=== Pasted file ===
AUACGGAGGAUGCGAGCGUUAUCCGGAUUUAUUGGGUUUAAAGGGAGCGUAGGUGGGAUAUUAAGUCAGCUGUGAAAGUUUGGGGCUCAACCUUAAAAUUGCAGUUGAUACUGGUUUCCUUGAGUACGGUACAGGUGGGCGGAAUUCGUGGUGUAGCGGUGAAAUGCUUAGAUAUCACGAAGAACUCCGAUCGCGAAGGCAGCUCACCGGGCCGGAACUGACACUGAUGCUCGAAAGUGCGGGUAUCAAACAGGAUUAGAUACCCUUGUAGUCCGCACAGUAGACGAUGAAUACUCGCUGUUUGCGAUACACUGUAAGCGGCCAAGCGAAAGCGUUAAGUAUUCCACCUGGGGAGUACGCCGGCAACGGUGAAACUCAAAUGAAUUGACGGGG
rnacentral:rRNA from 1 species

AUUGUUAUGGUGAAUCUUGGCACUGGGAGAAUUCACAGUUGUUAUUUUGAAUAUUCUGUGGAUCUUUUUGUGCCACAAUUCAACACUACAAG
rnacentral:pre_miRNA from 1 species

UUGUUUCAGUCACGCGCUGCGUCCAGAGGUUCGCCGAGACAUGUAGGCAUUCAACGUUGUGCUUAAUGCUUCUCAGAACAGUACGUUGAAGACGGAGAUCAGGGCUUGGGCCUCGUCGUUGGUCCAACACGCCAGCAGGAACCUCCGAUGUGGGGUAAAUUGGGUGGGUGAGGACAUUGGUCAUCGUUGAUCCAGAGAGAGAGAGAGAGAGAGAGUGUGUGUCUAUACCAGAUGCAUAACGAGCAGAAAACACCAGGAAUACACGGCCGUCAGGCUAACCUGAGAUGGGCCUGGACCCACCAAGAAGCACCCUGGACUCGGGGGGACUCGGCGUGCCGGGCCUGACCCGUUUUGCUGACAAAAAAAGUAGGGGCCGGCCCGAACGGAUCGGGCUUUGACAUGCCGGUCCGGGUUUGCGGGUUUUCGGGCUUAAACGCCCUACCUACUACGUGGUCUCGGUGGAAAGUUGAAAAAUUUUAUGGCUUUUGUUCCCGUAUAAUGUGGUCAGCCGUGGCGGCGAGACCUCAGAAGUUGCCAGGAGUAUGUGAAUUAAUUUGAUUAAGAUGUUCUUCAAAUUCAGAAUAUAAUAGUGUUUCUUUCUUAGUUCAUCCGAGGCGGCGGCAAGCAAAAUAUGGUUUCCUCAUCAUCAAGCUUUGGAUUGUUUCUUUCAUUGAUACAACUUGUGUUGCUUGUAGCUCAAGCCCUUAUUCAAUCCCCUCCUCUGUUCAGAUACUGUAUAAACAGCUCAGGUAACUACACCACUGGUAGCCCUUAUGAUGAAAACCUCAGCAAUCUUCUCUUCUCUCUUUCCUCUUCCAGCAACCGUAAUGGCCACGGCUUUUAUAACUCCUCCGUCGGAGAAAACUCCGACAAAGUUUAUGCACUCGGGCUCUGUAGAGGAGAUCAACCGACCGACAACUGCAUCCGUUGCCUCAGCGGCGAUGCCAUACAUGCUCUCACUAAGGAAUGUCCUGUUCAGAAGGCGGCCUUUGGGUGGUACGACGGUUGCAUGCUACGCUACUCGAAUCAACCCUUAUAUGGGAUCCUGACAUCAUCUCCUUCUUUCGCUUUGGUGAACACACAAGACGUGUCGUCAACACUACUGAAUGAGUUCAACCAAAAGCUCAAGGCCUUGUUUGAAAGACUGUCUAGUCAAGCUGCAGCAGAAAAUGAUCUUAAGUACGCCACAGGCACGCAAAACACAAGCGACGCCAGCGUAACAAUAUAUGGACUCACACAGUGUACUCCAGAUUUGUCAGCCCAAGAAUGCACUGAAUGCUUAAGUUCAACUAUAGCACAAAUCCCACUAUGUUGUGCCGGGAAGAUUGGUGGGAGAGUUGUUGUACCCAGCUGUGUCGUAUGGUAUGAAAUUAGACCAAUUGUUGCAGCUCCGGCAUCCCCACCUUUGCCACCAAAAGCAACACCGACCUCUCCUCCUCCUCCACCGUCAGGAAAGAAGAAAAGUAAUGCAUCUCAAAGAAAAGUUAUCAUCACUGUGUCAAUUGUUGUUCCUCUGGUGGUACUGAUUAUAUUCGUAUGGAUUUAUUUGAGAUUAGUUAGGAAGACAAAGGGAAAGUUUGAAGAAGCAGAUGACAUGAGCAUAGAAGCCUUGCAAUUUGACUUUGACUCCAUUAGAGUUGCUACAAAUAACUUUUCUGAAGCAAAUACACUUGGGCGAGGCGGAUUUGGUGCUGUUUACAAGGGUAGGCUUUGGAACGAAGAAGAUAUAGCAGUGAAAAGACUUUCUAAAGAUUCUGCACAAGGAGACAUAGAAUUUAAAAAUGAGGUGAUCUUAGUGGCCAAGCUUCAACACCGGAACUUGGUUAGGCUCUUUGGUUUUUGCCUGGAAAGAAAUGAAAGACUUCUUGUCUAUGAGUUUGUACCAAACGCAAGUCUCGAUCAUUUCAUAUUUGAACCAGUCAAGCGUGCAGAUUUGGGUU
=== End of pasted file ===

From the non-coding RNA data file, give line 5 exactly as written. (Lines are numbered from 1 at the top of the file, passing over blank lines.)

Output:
UUGUUUCAGUCACGCGCUGCGUCCAGAGGUUCGCCGAGACAUGUAGGCAUUCAACGUUGUGCUUAAUGCUUCUCAGAACAGUACGUUGAAGACGGAGAUCAGGGCUUGGGCCUCGUCGUUGGUCCAACACGCCAGCAGGAACCUCCGAUGUGGGGUAAAUUGGGUGGGUGAGGACAUUGGUCAUCGUUGAUCCAGAGAGAGAGAGAGAGAGAGAGUGUGUGUCUAUACCAGAUGCAUAACGAGCAGAAAACACCAGGAAUACACGGCCGUCAGGCUAACCUGAGAUGGGCCUGGACCCACCAAGAAGCACCCUGGACUCGGGGGGACUCGGCGUGCCGGGCCUGACCCGUUUUGCUGACAAAAAAAGUAGGGGCCGGCCCGAACGGAUCGGGCUUUGACAUGCCGGUCCGGGUUUGCGGGUUUUCGGGCUUAAACGCCCUACCUACUACGUGGUCUCGGUGGAAAGUUGAAAAAUUUUAUGGCUUUUGUUCCCGUAUAAUGUGGUCAGCCGUGGCGGCGAGACCUCAGAAGUUGCCAGGAGUAUGUGAAUUAAUUUGAUUAAGAUGUUCUUCAAAUUCAGAAUAUAAUAGUGUUUCUUUCUUAGUUCAUCCGAGGCGGCGGCAAGCAAAAUAUGGUUUCCUCAUCAUCAAGCUUUGGAUUGUUUCUUUCAUUGAUACAACUUGUGUUGCUUGUAGCUCAAGCCCUUAUUCAAUCCCCUCCUCUGUUCAGAUACUGUAUAAACAGCUCAGGUAACUACACCACUGGUAGCCCUUAUGAUGAAAACCUCAGCAAUCUUCUCUUCUCUCUUUCCUCUUCCAGCAACCGUAAUGGCCACGGCUUUUAUAACUCCUCCGUCGGAGAAAACUCCGACAAAGUUUAUGCACUCGGGCUCUGUAGAGGAGAUCAACCGACCGACAACUGCAUCCGUUGCCUCAGCGGCGAUGCCAUACAUGCUCUCACUAAGGAAUGUCCUGUUCAGAAGGCGGCCUUUGGGUGGUACGACGGUUGCAUGCUACGCUACUCGAAUCAACCCUUAUAUGGGAUCCUGACAUCAUCUCCUUCUUUCGCUUUGGUGAACACACAAGACGUGUCGUCAACACUACUGAAUGAGUUCAACCAAAAGCUCAAGGCCUUGUUUGAAAGACUGUCUAGUCAAGCUGCAGCAGAAAAUGAUCUUAAGUACGCCACAGGCACGCAAAACACAAGCGACGCCAGCGUAACAAUAUAUGGACUCACACAGUGUACUCCAGAUUUGUCAGCCCAAGAAUGCACUGAAUGCUUAAGUUCAACUAUAGCACAAAUCCCACUAUGUUGUGCCGGGAAGAUUGGUGGGAGAGUUGUUGUACCCAGCUGUGUCGUAUGGUAUGAAAUUAGACCAAUUGUUGCAGCUCCGGCAUCCCCACCUUUGCCACCAAAAGCAACACCGACCUCUCCUCCUCCUCCACCGUCAGGAAAGAAGAAAAGUAAUGCAUCUCAAAGAAAAGUUAUCAUCACUGUGUCAAUUGUUGUUCCUCUGGUGGUACUGAUUAUAUUCGUAUGGAUUUAUUUGAGAUUAGUUAGGAAGACAAAGGGAAAGUUUGAAGAAGCAGAUGACAUGAGCAUAGAAGCCUUGCAAUUUGACUUUGACUCCAUUAGAGUUGCUACAAAUAACUUUUCUGAAGCAAAUACACUUGGGCGAGGCGGAUUUGGUGCUGUUUACAAGGGUAGGCUUUGGAACGAAGAAGAUAUAGCAGUGAAAAGACUUUCUAAAGAUUCUGCACAAGGAGACAUAGAAUUUAAAAAUGAGGUGAUCUUAGUGGCCAAGCUUCAACACCGGAACUUGGUUAGGCUCUUUGGUUUUUGCCUGGAAAGAAAUGAAAGACUUCUUGUCUAUGAGUUUGUACCAAACGCAAGUCUCGAUCAUUUCAUAUUUGAACCAGUCAAGCGUGCAGAUUUGGGUU